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This is what passes for good news from Fukushima Daiichi, the Japanese nuclear power plant devastated by meltdowns and explosions after a cataclysmic earthquake and tsunami in 2011: By the end of last month, workers had succeeded in filtering most of the 620,000 tons of toxic water stored at the site, removing almost all of the radioactive materials.

After numerous false starts and technical glitches, most of the stored water has been run through filtration systems to remove dangerous strontium-90, as well as many other radionuclides. TEPCO, the Japanese utility that operates the power plant, trumpeted the achievement: “This is a significant milestone for improving the environment for our surrounding communities and for our workers,” said Naohiro Masuda, TEPCO’s chief decommissioning officer, in a press release.

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But it’s not quite so easy to bounce back from a nuclear disaster of this scale. For one thing, don’t take TEPCO’s statement too literally: No one is living in the “surrounding communities”—they’re far too contaminated for human habitation. Furthermore, the filtered water is still full of tritium, a radioactive version of hydrogen. (When two neutrons are added to the element, it becomes unstable, prone to emitting electrons.) Tritium bonds with oxygen just like normal hydrogen does, to produce radioactive “tritiated water.” It’s impractical—or at least extremely difficult and expensive—to separate tritiated water from normal water.

Hence TEPCO’s dilemma—which gets bigger by the day. The enormous volume of water comes from the ongoing need to keep the three melted-down reactor cores cool. More than four years after the disaster, pumps still must pour a constant stream of water into the pressure vessels that contain the radioactive cores. But the meltdowns and explosions rendered those vessels leaky, so TEPCO collects the water that seeps out, as well as rainwater that flows down the hills and through the shattered buildings.

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TEPCO has been filling fields with vast arrays of storage tanks to cope with the accumulating water. The company’s 40-year plan for decommissioning the plant calls for the construction of an underground “ice wall” to freeze the soil around the reactor buildings and divert rainwater, and for plugging the leaks in the buildings. But TEPCO has run into problems with the ice wall—the underground tunnels carrying coolant haven’t gotten cold enough to sufficiently freeze the surrounding ground—and the more long-term solution of plugging the reactor buildings’ leaks is still a distant goal. In the meantime, TEPCO keeps building tanks.

A few of the countless water tanks at FukushimaEPA

Some experts, including the eminently respectable IAEA, have suggested that TEPCO may have to simply dump the tritium-contaminated water into the ocean. Tritium traditionally hasn’t been considered very dangerous to human health. Although tritiated water can reach all parts of the body, like normal water, it’s also expelled quickly from the body, like normal water. If released into the ocean, the contaminated water would quickly be diluted, and it wouldn’t bioaccumulate in fish (unlike strontium-90, for example, which is taken up by bones).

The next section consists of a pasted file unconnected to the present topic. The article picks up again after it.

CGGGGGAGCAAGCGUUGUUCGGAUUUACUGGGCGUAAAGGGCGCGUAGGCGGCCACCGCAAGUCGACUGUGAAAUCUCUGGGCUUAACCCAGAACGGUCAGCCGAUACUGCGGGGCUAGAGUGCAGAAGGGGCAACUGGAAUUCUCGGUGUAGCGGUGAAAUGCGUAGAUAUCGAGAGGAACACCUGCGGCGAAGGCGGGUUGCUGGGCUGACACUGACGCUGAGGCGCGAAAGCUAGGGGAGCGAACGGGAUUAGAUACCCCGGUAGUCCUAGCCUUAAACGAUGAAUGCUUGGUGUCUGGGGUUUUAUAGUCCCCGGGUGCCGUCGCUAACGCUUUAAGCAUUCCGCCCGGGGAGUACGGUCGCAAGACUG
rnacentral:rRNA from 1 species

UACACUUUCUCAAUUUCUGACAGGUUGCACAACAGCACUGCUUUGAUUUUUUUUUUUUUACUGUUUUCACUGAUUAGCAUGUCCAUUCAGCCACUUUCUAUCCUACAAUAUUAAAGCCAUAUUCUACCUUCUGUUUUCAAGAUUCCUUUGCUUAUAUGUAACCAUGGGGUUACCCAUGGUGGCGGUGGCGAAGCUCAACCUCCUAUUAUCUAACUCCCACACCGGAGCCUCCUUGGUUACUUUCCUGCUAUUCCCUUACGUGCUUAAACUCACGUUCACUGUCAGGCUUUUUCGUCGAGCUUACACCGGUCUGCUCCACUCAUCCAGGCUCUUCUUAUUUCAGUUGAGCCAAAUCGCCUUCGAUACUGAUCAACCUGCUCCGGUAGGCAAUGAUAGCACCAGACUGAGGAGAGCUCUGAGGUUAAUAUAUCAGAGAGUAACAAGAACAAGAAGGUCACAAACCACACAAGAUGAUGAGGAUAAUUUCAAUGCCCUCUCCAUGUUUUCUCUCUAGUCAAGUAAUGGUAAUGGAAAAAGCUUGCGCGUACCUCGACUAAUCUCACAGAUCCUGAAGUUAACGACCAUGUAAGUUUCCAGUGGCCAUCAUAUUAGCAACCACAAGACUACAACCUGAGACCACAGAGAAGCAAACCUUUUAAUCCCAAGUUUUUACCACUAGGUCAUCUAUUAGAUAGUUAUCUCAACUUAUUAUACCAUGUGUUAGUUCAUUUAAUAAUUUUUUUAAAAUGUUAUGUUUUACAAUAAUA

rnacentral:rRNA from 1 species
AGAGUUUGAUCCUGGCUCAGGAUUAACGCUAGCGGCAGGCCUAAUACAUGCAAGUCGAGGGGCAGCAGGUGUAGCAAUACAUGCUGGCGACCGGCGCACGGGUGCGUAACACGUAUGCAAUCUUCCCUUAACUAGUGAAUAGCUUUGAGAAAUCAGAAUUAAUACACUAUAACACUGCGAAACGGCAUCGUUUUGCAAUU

But is tritiated water really so harmless? It’s currently getting a second look from regulators in the United States. Last year, the EPA announced plans to review safety standards for tritiated water, which has leaked from many a nuclear plant. As this excellent Scientific American article explains, there’s considerable uncertainty over whether the stuff is more dangerous than we previously thought.

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The amount of tritium in Fukushima Daiichi’s water is not negligible. The World Health Organization’s standard for tritium in drinking water is 10,000 becquerels per liter (34 ounces). According to Mayumi Yoshida, a TEPCO communications officer, Fukushima’s stored water contains between 1 and 5 million becquerels per liter. Yet Yoshida noted that operational nuclear power plants around the world discharge water with a much higher level of tritium than that.

Does that imply that the company is considering discharging its water into the sea, I asked? “Nothing has been decided but to keep storing at the site,” Yoshida said. “We will discuss thoroughly with the government, the oversea and domestic experts, the fishermen, and the surrounding residents, which way would be the safest and the best for everyone, before deciding anything.”

It’s hard to imagine that those discussions will be productive. Releasing the water into the ocean sounds like a non-starter in Japan’s Fukushima prefecture, where fishermen are already furious with TEPCO. Fishing has been suspended around the coastal Fukushima Daiichi plant since the accident, and repeated leaks of radioactive water have angered the fishing associations still further.

If the water can’t be released as-is for political reasons, TEPCO’s only options are to keep building tanks or to accept its extremely difficult and expensive fate, and figure out how to remove the last bit of nuclear taint from its enormous holdings of problematic water.

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Eliza Strickland is an associate editor for the science and technology magazine IEEE Spectrum

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